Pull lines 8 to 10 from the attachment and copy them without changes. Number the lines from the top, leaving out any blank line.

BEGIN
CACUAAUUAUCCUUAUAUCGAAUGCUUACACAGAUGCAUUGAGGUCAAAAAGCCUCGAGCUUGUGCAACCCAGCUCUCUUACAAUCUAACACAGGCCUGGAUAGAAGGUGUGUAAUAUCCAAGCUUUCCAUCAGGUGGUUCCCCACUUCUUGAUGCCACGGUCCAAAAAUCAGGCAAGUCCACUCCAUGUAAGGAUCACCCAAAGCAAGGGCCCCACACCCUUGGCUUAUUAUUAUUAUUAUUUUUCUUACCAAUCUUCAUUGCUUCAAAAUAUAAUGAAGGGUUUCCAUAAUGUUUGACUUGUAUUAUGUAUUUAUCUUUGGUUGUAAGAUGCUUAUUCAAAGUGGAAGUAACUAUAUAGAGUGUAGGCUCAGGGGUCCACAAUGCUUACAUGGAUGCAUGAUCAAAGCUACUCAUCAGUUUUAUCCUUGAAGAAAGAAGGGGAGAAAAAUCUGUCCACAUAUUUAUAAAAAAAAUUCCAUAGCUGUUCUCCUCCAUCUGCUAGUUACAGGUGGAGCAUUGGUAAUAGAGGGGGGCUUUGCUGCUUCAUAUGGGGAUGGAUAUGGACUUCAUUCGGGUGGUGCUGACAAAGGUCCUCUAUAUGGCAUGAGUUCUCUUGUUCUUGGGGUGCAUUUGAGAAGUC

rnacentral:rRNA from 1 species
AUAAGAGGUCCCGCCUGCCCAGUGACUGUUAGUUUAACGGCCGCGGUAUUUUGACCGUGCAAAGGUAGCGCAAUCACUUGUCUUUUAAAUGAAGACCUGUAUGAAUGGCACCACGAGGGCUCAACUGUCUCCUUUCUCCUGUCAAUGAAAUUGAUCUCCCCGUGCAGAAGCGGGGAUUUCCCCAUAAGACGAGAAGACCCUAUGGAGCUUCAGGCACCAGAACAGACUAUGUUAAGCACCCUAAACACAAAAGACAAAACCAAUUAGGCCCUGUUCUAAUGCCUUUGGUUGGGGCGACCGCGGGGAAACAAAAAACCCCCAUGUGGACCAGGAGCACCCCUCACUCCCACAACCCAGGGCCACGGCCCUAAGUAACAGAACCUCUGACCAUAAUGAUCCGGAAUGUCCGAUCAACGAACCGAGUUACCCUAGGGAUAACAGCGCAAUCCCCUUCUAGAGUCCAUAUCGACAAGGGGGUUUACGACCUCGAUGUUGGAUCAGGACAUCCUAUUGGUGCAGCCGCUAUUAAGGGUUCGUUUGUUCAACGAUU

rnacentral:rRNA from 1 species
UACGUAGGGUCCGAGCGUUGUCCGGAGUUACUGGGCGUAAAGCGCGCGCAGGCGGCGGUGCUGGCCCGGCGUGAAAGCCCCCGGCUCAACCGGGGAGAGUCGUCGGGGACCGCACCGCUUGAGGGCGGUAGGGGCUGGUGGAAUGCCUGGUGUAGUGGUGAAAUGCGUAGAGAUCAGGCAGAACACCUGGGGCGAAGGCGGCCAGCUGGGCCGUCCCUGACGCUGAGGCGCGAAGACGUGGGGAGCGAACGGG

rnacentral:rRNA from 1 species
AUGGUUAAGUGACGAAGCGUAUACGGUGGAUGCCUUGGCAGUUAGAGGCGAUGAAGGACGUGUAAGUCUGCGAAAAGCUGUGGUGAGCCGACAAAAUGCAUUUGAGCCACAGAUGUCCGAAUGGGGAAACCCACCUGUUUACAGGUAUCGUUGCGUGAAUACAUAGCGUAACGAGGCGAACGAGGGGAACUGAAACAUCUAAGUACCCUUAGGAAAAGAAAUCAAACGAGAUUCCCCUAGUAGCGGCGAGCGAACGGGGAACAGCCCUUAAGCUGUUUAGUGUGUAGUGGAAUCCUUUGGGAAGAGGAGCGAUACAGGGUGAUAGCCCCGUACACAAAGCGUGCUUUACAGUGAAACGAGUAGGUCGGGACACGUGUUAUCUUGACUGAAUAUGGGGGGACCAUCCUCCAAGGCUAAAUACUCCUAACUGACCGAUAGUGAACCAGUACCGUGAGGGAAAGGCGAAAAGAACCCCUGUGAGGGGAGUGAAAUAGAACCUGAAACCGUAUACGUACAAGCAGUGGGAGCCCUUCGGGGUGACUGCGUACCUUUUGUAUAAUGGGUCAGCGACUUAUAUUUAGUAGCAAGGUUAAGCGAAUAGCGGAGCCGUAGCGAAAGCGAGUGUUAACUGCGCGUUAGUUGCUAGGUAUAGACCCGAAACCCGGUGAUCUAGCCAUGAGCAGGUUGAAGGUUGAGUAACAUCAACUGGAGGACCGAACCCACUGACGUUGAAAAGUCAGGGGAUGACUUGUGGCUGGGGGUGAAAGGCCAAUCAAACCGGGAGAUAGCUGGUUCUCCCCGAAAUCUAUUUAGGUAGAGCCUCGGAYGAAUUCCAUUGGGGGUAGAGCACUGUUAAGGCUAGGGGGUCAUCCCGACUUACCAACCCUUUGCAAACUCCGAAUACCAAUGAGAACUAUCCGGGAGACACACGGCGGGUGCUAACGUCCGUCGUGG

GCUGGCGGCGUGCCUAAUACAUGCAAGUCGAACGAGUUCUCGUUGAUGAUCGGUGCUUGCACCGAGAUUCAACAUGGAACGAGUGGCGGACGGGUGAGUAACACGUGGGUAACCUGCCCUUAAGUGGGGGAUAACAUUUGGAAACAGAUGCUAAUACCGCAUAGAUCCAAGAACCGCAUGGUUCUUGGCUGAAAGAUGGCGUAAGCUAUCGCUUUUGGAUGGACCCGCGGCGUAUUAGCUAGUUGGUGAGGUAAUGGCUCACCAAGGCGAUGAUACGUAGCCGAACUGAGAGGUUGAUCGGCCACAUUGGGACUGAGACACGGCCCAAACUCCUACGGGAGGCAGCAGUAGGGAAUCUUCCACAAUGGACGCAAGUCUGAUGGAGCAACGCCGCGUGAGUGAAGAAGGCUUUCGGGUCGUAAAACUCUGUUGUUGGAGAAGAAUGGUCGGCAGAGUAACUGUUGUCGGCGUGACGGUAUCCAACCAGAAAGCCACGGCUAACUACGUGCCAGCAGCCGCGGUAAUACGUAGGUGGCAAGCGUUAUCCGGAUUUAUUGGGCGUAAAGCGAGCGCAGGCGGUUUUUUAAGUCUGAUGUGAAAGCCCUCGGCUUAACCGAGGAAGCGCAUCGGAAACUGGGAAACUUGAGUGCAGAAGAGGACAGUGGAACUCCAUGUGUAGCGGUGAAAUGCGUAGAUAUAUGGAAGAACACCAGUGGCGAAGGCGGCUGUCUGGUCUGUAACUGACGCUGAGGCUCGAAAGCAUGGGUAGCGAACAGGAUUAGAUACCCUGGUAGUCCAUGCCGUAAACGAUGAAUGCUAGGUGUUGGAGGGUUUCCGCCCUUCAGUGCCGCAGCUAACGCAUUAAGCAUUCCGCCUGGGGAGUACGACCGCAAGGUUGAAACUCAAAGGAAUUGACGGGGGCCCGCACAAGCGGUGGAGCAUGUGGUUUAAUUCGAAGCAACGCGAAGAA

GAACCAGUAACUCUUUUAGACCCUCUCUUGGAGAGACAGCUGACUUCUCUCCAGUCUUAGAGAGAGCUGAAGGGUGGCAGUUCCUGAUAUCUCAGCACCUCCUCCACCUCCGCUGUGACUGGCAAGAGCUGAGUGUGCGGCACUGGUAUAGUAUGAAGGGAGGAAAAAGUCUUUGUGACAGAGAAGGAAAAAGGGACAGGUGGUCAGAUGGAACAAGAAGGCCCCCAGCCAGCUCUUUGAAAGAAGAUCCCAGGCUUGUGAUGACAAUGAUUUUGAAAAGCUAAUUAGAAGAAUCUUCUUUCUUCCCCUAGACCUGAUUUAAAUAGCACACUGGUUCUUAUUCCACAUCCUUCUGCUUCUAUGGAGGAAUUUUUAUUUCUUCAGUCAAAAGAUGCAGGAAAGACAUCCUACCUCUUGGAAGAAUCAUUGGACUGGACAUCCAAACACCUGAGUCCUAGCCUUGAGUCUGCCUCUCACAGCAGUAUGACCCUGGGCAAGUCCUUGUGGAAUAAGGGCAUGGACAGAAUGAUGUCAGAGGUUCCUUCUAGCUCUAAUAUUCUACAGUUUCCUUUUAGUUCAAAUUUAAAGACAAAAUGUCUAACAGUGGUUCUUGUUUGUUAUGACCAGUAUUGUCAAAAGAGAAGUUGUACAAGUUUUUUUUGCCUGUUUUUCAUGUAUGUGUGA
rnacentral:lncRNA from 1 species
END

GCUGGCGGCGUGCCUAAUACAUGCAAGUCGAACGAGUUCUCGUUGAUGAUCGGUGCUUGCACCGAGAUUCAACAUGGAACGAGUGGCGGACGGGUGAGUAACACGUGGGUAACCUGCCCUUAAGUGGGGGAUAACAUUUGGAAACAGAUGCUAAUACCGCAUAGAUCCAAGAACCGCAUGGUUCUUGGCUGAAAGAUGGCGUAAGCUAUCGCUUUUGGAUGGACCCGCGGCGUAUUAGCUAGUUGGUGAGGUAAUGGCUCACCAAGGCGAUGAUACGUAGCCGAACUGAGAGGUUGAUCGGCCACAUUGGGACUGAGACACGGCCCAAACUCCUACGGGAGGCAGCAGUAGGGAAUCUUCCACAAUGGACGCAAGUCUGAUGGAGCAACGCCGCGUGAGUGAAGAAGGCUUUCGGGUCGUAAAACUCUGUUGUUGGAGAAGAAUGGUCGGCAGAGUAACUGUUGUCGGCGUGACGGUAUCCAACCAGAAAGCCACGGCUAACUACGUGCCAGCAGCCGCGGUAAUACGUAGGUGGCAAGCGUUAUCCGGAUUUAUUGGGCGUAAAGCGAGCGCAGGCGGUUUUUUAAGUCUGAUGUGAAAGCCCUCGGCUUAACCGAGGAAGCGCAUCGGAAACUGGGAAACUUGAGUGCAGAAGAGGACAGUGGAACUCCAUGUGUAGCGGUGAAAUGCGUAGAUAUAUGGAAGAACACCAGUGGCGAAGGCGGCUGUCUGGUCUGUAACUGACGCUGAGGCUCGAAAGCAUGGGUAGCGAACAGGAUUAGAUACCCUGGUAGUCCAUGCCGUAAACGAUGAAUGCUAGGUGUUGGAGGGUUUCCGCCCUUCAGUGCCGCAGCUAACGCAUUAAGCAUUCCGCCUGGGGAGUACGACCGCAAGGUUGAAACUCAAAGGAAUUGACGGGGGCCCGCACAAGCGGUGGAGCAUGUGGUUUAAUUCGAAGCAACGCGAAGAA

GAACCAGUAACUCUUUUAGACCCUCUCUUGGAGAGACAGCUGACUUCUCUCCAGUCUUAGAGAGAGCUGAAGGGUGGCAGUUCCUGAUAUCUCAGCACCUCCUCCACCUCCGCUGUGACUGGCAAGAGCUGAGUGUGCGGCACUGGUAUAGUAUGAAGGGAGGAAAAAGUCUUUGUGACAGAGAAGGAAAAAGGGACAGGUGGUCAGAUGGAACAAGAAGGCCCCCAGCCAGCUCUUUGAAAGAAGAUCCCAGGCUUGUGAUGACAAUGAUUUUGAAAAGCUAAUUAGAAGAAUCUUCUUUCUUCCCCUAGACCUGAUUUAAAUAGCACACUGGUUCUUAUUCCACAUCCUUCUGCUUCUAUGGAGGAAUUUUUAUUUCUUCAGUCAAAAGAUGCAGGAAAGACAUCCUACCUCUUGGAAGAAUCAUUGGACUGGACAUCCAAACACCUGAGUCCUAGCCUUGAGUCUGCCUCUCACAGCAGUAUGACCCUGGGCAAGUCCUUGUGGAAUAAGGGCAUGGACAGAAUGAUGUCAGAGGUUCCUUCUAGCUCUAAUAUUCUACAGUUUCCUUUUAGUUCAAAUUUAAAGACAAAAUGUCUAACAGUGGUUCUUGUUUGUUAUGACCAGUAUUGUCAAAAGAGAAGUUGUACAAGUUUUUUUUGCCUGUUUUUCAUGUAUGUGUGA
rnacentral:lncRNA from 1 species